Sushrutha Kanaparthi’s decision to leave India for the US was clear, due to the relief it came with. Her academic journey was previously filled with uncertainty and doubt. She was always interested in healthcare and technology, but as time went on, she began to feel lost and overwhelmed. The pressure of choosing the right career path, getting great grades, and securing a job after graduation weighed heavily on her.
All of her worries dissipated when she discovered the Master of Science (MS) in Health Informatics at Marshall University and the guidance of the program’s esteemed faculty. Finally, Kanaparthi felt she had found a community that understood her passions and aspirations. She was relieved to know that she was on the right track and that her dreams of combining healthcare and technology were not just fanciful ideals. “The curriculum was superior to those by other competing universities in the country,” she says.
The only one of its kind in West Virginia, the program Kanaparthi chose was designed to provide an interdisciplinary study of the design, development, adoption, and application of IT-based innovations in healthcare services, delivery, management, and planning.
One of the most important skills that Kanaparthi developed through the program was teamwork. Throughout, it emphasized the importance of collaboration and working effectively with others to achieve common goals. Hence Kanaparthi has learned to communicate effectively with her peers, leverage the strengths of different personalities, and navigate conflicts and disagreements to ensure that everyone is working together towards a shared objective.
Another key competency she’s gained is time management. The course started out rigorous and demanding, requiring her and her peers to balance coursework, assignments, projects, and other responsibilities. In this, Kanaparthi learned how to prioritize tasks, manage her time, and maintain a disciplined approach to her work.
Finally, the program’s emphasis on global thinking helped her understand the interconnected nature of the healthcare industry and the importance of considering the perspectives and needs of stakeholders from different regions and cultures. This has been particularly crucial when working on projects with international teams and seeking to develop solutions tailored to the needs of diverse populations. After all, the Marshall experience aims to transform students into “citizens of the world.”
The Office of Intercultural Affairs (OIA) guarantees this. Established in 2014, its main mission is to foster a dynamic and immersive learning environment that equips students with the tools and experiences required to thrive in a global society and contribute meaningfully to the well-being of others.
“We do so by creating student engagement initiatives, progressive and experiential educational programs, and highly individualized advising,” explains Distinguished Visiting Scholar Maurice R. Cooley. “We will create a diverse university of respect, learning, inclusion, and engagement.”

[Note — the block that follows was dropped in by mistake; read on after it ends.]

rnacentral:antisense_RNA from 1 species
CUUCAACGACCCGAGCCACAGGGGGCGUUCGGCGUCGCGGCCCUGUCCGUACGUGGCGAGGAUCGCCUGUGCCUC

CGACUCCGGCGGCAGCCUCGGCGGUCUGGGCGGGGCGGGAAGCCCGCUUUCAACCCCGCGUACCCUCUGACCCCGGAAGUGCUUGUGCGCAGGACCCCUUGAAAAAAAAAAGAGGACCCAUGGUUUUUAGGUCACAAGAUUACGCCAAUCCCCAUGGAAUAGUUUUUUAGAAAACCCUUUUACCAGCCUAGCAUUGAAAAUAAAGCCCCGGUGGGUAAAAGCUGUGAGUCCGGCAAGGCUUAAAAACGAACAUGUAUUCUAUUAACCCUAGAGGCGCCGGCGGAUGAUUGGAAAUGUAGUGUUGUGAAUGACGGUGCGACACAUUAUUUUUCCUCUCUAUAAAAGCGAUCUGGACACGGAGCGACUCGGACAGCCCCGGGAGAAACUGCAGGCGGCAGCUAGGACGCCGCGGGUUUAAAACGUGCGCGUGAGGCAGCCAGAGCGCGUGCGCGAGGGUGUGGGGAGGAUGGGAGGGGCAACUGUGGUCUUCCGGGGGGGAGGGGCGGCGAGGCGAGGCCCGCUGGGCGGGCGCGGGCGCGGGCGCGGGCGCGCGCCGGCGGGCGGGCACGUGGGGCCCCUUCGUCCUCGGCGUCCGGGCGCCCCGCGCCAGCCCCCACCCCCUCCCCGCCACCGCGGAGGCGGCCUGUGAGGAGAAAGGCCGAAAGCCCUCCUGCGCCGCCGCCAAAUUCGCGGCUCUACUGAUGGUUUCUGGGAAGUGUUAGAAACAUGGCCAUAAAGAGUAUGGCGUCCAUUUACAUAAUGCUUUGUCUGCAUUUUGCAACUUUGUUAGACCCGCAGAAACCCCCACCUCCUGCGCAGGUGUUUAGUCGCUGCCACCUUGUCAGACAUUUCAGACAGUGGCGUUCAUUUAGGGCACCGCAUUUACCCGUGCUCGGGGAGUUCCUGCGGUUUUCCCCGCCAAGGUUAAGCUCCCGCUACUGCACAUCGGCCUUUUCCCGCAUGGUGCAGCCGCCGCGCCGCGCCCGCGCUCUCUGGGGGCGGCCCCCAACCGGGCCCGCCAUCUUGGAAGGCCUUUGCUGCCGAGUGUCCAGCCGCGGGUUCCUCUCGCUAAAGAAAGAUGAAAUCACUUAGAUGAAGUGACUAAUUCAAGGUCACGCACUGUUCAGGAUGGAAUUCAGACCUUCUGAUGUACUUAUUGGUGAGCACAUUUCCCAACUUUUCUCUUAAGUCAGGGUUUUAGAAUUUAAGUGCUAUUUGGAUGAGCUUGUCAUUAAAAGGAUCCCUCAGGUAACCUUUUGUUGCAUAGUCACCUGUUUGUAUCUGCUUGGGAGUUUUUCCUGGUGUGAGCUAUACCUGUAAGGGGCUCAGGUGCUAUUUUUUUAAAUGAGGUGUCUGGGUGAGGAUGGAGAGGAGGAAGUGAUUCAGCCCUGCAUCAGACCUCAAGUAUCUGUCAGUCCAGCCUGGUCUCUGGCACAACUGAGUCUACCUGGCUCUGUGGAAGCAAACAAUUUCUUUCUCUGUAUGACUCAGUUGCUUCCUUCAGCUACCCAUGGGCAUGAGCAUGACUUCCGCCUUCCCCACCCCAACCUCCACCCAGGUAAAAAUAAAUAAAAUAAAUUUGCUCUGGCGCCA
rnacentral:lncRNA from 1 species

When students feel respected and included, they are more likely to be confident and engaged in their learning experience. Hence why Kanaparthi often took part in class discussions, relished challenging assignments, and pursued extracurriculars that align with her interests and goals.
“I received recognition through the high scholastic achievement award and has recently been selected to be a Beta Gamma Sigma member,” she says. “I am also a graduate assistant and part of the International Honor Society for the Collegiate School of Business.”
It’s clear that university days are nothing short of enriching for Kanaparthi. However, her weekends are reserved for the best of West Virginia. This bit of the week gives her a chance to explore the beautiful outdoors and experience the unique cultures and traditions of the region with her closest friends by her side. Of course, she unwinds at home as well, prepping nostalgic meals, working out, and getting ahead of her assignments.
“I know the city well and I like it a lot,” she enthuses. “The surrounding nature is amazing, and the cost of living is cheaper as compared to other places. I can imagine living here for at least a few more years.”
Chances are that won’t be a problem. Marshall University’s Health Informatics program is a STEM-designated degree by the US Department of Homeland Security. This means international students like Kanaparthi who wish to extend their Optional Practical Training (OPT) status can apply for work eligibility in the US for up to 36 months.
To learn more about what Marshall University can do for your aspirations, click here.